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Archive for Tuesday, October 13, 1992

RED CROSS ANSWERS THE CALL

October 13, 1992

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Marvin Crawford spends his days driving Lawrence area children to and from school. In the evenings his duties are quite different.

In addition to driving school buses for Mayflower Contract Services, Crawford can be found instructing first-aid classes for the Douglas County Red Cross. So how do the two activities coincide?

``We want to make sure that the drivers know what to do for the children in case there is an emergency,'' Crawford said.

Crawford's interest in Red Cross first-aid training began when he was required to take the training in order to drive school buses. After completing his own certification requirements, Crawford continued his interest in the Red Cross by becoming a first-aid instructor.

Now Crawford spends some of his free time helping others learn the skills and procedures necessary to become certified in first-aid.

``WE TRY to make sure people know what they're doing before they're certified,'' Crawford said. ``We don't want people going out and making emergencies worse because they don't know what they're doing,'' he said.

In a standard two-evening course, Crawford helps teach students how to perform rescue breathing, airway obstruction procedures and cardiopulmonary resuscitation, as well as how to handle first-aid emergencies.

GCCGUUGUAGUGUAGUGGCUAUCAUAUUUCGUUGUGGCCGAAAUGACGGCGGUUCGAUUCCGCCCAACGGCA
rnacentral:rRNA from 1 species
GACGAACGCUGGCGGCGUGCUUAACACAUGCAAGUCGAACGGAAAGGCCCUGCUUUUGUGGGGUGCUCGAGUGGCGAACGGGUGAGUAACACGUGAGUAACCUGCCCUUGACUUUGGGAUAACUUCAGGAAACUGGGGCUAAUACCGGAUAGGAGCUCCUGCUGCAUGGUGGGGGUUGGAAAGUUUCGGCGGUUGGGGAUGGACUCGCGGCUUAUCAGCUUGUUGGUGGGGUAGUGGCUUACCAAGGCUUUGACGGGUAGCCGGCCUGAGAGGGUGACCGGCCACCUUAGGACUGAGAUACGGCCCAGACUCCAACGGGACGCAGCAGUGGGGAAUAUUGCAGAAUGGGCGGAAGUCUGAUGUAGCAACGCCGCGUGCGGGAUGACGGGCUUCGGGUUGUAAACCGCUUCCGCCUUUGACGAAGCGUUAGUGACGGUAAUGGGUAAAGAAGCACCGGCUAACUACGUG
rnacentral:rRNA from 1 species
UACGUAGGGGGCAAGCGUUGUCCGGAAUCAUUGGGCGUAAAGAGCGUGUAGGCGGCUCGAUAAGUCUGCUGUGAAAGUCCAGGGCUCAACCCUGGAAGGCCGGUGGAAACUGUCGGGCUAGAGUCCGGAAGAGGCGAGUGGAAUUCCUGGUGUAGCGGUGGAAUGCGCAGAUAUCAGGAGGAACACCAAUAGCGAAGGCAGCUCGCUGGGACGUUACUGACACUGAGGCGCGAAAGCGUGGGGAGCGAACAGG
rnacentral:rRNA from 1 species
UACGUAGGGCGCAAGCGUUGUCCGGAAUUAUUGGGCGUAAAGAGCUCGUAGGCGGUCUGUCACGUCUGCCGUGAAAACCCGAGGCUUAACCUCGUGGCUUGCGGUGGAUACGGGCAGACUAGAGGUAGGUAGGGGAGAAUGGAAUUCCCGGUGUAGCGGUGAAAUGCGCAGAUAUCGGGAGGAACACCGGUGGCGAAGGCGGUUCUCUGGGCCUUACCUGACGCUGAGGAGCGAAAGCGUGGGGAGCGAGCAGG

``I think the CPR is the most important,'' Crawford said.

Crawford understands the importance of knowing first-aid skills, because he once helped to save a life by performing CPR.

First-aid is only one of the many services the Red Cross provides to the public.

One of the cornerstones of the Red Cross is its communication link with the armed forces.

``THE RED CROSS always has been military-related,'' said Jo Byers, director of the Douglas County Red Cross.

The American Red Cross originally was chartered to provide aid to the sick and wounded of the armed forces during times of war. This link with the military is kept alive today by services that the Red Cross offers.

According to the national organization, the Red Cross helps a member of the armed forces or a family member every 11 seconds. Primarily, the Red Cross serves as the communication link between military personnel and their families. Besides providing confidential information and referrals to military personnel in times of need, the Red Cross also facilitates the travel plans necessary to bring families together during emergencies.

EMERGENCY financial assistance also is made available to military members. During a crisis, the Red Cross provides interest-free loans or grants to military members and their families to help defer the costs incurred during the crisis.

The Red Cross also helps military families resolve the stress and tension that can result from the separation of loved ones by offering free counseling.

For matters closer to home, the Red Cross provides instructional classes in areas ranging from lawn-mowing safety to baby-sitting. This is in addition to the traditional swimming and water safety classes the Red Cross offers.

In Lawrence, the Red Cross has its own Blood Center where the blood donations are accepted every day. It also has a Telecare system for the elderly, wherein residents living alone are called on a regular basis to make sure they are safe and well.

``The Douglas County Red Cross has more than 750 volunteers, but we're always looking for more volunteers,'' Byers said.

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